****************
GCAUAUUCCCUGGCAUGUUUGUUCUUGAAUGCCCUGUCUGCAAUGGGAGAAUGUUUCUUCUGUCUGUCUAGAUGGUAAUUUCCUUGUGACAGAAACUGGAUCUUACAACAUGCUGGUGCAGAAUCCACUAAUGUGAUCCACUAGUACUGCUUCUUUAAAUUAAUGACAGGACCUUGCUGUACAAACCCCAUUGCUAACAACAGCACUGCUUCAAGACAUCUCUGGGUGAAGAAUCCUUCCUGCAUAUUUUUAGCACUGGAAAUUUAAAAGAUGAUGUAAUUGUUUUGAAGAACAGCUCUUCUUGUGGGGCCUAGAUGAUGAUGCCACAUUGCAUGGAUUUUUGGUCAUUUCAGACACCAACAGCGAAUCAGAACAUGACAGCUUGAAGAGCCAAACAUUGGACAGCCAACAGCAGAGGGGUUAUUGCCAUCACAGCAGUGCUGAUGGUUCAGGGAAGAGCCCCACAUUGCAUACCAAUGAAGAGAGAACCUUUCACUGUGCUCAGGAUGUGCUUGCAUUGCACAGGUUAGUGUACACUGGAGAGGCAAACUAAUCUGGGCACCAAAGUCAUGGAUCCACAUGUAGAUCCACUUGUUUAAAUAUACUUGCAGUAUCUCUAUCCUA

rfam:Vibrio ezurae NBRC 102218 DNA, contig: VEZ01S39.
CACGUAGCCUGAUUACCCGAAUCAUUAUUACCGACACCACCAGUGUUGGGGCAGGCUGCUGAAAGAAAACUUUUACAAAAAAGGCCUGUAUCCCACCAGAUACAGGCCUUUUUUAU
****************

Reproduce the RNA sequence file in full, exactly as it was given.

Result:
GCAUAUUCCCUGGCAUGUUUGUUCUUGAAUGCCCUGUCUGCAAUGGGAGAAUGUUUCUUCUGUCUGUCUAGAUGGUAAUUUCCUUGUGACAGAAACUGGAUCUUACAACAUGCUGGUGCAGAAUCCACUAAUGUGAUCCACUAGUACUGCUUCUUUAAAUUAAUGACAGGACCUUGCUGUACAAACCCCAUUGCUAACAACAGCACUGCUUCAAGACAUCUCUGGGUGAAGAAUCCUUCCUGCAUAUUUUUAGCACUGGAAAUUUAAAAGAUGAUGUAAUUGUUUUGAAGAACAGCUCUUCUUGUGGGGCCUAGAUGAUGAUGCCACAUUGCAUGGAUUUUUGGUCAUUUCAGACACCAACAGCGAAUCAGAACAUGACAGCUUGAAGAGCCAAACAUUGGACAGCCAACAGCAGAGGGGUUAUUGCCAUCACAGCAGUGCUGAUGGUUCAGGGAAGAGCCCCACAUUGCAUACCAAUGAAGAGAGAACCUUUCACUGUGCUCAGGAUGUGCUUGCAUUGCACAGGUUAGUGUACACUGGAGAGGCAAACUAAUCUGGGCACCAAAGUCAUGGAUCCACAUGUAGAUCCACUUGUUUAAAUAUACUUGCAGUAUCUCUAUCCUA

rfam:Vibrio ezurae NBRC 102218 DNA, contig: VEZ01S39.
CACGUAGCCUGAUUACCCGAAUCAUUAUUACCGACACCACCAGUGUUGGGGCAGGCUGCUGAAAGAAAACUUUUACAAAAAAGGCCUGUAUCCCACCAGAUACAGGCCUUUUUUAU